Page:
reasons other than blunt trauma may have additional indications for imaging studies. This would include patients being evaluated for
penetrating trauma, infections, cerebrovascular accidents, tumors, or any other atraumatic indications. Data will be collected on these
patients even though they will not be entered into the blunt head injury study.
Clinical variables: The following terms are defined for purposes of clarity and to ensure consistent data collection. They do not represent
recommendations for patient evaluation, and they should be considered subject to interpretation by individual physicians.
A post-traumatic seizure is any seizure following the traumatic event (witnessed either by examining physicians, or other reliable observer).
Loss of consciousness is based on the patients report of being knocked unconscious, or a witnesses report that the patient lost
consciousness, or did not response to external stimuli (including verbal stimuli, or physical stimuli such as prodding, shaking, pinching,
among others) for some interval following the event. Loss of consciousness longer than five minutes is based on a report by a reliable
witness (such as a paramedic, health care worker, or examining physician), that the patient lost consciousness for more than five minutes.
Severe or progressive headache is any head pain deemed by the patient to be severe or progressive in nature.
Coagulopathy is any impairment of normal blood clotting such as occurs in hemophilia, secondary to medications (coumadin, heparin,
aspirin, etc.), hepatic insufficiency and other conditions.
Abnormal behavior is any inappropriate action displayed by the victim. It includes such things as excessive agitation, inconsolability,
refusal to cooperate, lack of affective response to questions or events, and violent activity.
Abnormal level of alertness is evidenced by a variety of findings, including but not limited to a Glasgow coma score of 14 or less; delayed
or inappropriate response to external stimuli; excessive somnolence; disorientation to person, place, time or events; inability to remember
three objects at five minutes; perseverating speech; and other findings.
Significant skull fracture includes, but is not limited to, any signs of basilar skull fracture (periorbital or peri-auricular ecchymoses,
hemotympanum, and drainage of clear fluid from the ears or nose). Signs of depressed or diastatic skull fracture (a palpable step-off of
the skull, a stellate laceration from a point source, or any injury produced by an object striking a localized region of the skull [such as a
baseball bat, club, pool cue, golf-ball, baseball, pipe, etc.]).
High-risk vomiting is evidenced by recurrent, projectile or forceful emesis (either observed or by history) after trauma, or vomiting
associated with altered sensorium.
Evidence of intoxication includes: a) a history of intoxication or recent intoxicating ingestion is provided by a patient or observer; b) test of
bodily secretions (blood, urine, saliva, breath, etc) is positive for drugs or alcohol; c) patient has physical evidence suggesting intoxication
(odor of alcohol, slurred speech, ataxia, dysmetria or other cerebellar findings), or behavior consistent with intoxication and unexplained
by medical or psychiatric illness.
A motor deficit is a finding of abnormal weakness in any one or more of the four extremities, as determined by systematic testing of
muscle strength in all four limbs.
Gait abnormality is the inability to walk normally due to inadequate strength, loss of balance or ataxia; it is determined by systematic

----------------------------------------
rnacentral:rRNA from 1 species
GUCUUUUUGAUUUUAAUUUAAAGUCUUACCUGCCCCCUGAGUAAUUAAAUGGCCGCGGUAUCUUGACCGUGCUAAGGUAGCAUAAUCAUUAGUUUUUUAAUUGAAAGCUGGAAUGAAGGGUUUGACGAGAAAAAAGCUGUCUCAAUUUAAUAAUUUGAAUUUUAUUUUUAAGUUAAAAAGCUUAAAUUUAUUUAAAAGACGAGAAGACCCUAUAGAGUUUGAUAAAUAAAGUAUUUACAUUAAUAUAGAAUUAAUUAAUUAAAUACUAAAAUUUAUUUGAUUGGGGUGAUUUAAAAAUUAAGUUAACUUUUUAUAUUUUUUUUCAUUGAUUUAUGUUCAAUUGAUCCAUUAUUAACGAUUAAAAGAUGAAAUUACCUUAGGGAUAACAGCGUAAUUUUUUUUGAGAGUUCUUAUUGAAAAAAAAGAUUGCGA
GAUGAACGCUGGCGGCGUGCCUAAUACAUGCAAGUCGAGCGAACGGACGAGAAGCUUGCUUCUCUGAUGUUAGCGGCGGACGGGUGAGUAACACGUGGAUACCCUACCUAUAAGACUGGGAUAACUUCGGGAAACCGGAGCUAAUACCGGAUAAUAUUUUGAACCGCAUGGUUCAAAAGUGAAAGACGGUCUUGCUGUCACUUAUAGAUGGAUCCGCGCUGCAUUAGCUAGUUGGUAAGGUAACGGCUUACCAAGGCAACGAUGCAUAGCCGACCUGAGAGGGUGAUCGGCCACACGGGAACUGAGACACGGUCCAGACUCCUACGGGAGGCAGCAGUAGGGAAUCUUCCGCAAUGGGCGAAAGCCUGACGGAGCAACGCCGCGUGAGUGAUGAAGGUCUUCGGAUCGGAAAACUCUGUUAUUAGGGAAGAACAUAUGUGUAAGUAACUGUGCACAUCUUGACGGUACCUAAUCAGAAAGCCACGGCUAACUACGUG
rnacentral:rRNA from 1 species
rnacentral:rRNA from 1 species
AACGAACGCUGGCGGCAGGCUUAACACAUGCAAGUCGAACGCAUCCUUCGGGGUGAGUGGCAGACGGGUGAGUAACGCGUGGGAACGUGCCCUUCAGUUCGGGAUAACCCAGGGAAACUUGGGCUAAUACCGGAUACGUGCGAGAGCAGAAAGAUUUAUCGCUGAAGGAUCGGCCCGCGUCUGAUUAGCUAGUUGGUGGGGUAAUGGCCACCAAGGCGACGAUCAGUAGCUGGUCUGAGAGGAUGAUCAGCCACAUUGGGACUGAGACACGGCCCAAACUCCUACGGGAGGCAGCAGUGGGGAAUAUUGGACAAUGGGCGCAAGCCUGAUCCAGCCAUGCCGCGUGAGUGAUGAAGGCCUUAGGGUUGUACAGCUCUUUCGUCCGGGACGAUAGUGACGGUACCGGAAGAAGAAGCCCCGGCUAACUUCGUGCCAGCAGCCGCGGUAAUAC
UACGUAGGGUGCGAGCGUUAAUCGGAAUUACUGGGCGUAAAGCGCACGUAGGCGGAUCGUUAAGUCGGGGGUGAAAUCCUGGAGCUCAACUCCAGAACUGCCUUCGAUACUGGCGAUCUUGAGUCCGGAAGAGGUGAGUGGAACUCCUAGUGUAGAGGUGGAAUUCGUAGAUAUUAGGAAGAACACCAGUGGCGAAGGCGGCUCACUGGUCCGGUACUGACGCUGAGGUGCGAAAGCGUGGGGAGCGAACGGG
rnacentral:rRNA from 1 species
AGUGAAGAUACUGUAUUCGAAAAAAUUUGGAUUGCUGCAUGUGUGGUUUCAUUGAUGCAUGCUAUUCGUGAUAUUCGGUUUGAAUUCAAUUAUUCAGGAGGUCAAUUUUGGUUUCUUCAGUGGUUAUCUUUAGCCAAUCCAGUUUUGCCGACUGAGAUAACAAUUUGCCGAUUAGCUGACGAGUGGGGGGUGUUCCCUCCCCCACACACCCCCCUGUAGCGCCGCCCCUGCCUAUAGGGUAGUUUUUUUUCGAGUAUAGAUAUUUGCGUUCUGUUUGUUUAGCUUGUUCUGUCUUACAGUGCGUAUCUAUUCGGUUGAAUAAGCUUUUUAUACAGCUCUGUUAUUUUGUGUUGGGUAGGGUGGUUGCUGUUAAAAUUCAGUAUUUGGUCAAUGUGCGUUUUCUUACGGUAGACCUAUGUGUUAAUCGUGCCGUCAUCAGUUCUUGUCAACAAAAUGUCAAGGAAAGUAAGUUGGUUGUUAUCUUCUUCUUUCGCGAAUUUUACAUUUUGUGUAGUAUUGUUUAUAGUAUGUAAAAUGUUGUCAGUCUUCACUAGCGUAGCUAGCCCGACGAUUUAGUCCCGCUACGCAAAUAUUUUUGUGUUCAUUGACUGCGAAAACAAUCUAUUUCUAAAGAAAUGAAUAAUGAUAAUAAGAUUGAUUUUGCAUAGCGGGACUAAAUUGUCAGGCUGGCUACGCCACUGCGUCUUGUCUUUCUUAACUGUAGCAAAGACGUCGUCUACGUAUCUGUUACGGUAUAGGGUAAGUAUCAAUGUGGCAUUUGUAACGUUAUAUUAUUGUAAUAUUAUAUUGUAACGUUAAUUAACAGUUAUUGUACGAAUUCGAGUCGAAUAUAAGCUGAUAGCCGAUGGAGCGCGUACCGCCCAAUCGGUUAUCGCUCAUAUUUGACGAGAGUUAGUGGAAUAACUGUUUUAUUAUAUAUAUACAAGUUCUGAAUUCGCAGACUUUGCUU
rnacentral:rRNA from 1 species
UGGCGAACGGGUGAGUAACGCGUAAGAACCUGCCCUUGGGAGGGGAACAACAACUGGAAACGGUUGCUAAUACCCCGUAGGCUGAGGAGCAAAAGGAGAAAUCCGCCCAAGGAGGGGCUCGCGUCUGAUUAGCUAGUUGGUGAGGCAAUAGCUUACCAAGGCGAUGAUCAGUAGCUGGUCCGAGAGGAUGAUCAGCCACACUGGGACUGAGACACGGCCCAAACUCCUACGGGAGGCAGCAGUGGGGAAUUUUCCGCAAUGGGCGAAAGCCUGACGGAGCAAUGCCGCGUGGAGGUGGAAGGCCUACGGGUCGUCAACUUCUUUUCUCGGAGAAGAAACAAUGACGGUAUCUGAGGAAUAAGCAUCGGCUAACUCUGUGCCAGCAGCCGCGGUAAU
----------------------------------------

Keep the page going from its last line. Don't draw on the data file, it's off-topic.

testing of gait, including tandem and heel-to-toe walking, and Romberg testing.
Cerebellar abnormality is manifested by ataxia, dysmetria, dysdiadokinesis, or other impairment of cerebellar function; it is determined by
systematic testing of cerebellar function, including tests of ataxia, and finger-nose-finger, heel-to-shin, and rapid alternating movement
testing.
Cranial nerve abnormality is an abnormality of cranial nerves II-XII; it is determined by systematic testing of each of these cranial nerves.
The ability to read and write is determined by asking the patient to read the physician’s name from an identifying badge, or a written
piece of paper, and subsequent ability to write that same name.
Age 65 years or more is determined by available clinical history.
Neurologic deficit was considered to be present if a patient exhibited an abnormal Glasgow Coma Scale score, motor deficit, gait
abnormality, abnormal cerebellar function, or cranial nerve abnormality (patients were deemed to have a “neurologic deficit” if any
constituent variables was abnormal, and were considered “normal” only if all constituent variables were normal).
A composite variable, “neurologic deficit,” was constructed by combining the elements of the Glasgow Coma
Scale score with the presence or absence of motor deficit, gait
abnormality, abnormal cerebellar function, and cranial nerve
abnormality. Patients were considered to have a ‘neurologic
deficit‘ if any of constituent variables were abnormal, and
Volume 59 • Number 4
were considered “normal” only if all constituent variables
were normal.
Interpretation of Imaging Studies
All study patients underwent head CT scanning. Initial
imaging could be supplemented by other studies deemed
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The Journal of TRAUMA威 Injury, Infection, and Critical Care
necessary. CT scans were interpreted by clinical radiologists
at each site. Copies of all final radiographic readings were
collected and abstracted to determine the presence or absence
of intracranial injuries. The diagnosis of intracranial injury
was based solely on final radiologic interpretations of all
imaging studies, including subsequent inpatient studies. Investigators determined final injury classification while
blinded to information about clinical variables (and thus to
the patient’s classification by possible decision instruments).
The definition of significant intracranial injury was
based on outcomes documented in previous clinical work,13
and consists of any injury that may require neurosurgical
intervention (craniotomy, intracranial pressure monitoring,
mechanical ventilation), or lead to rapid deterioration or significant long-term neurologic impairment.
the performance among patients with “minor” head injury
(defined as a cases presenting with GCS scores of 15).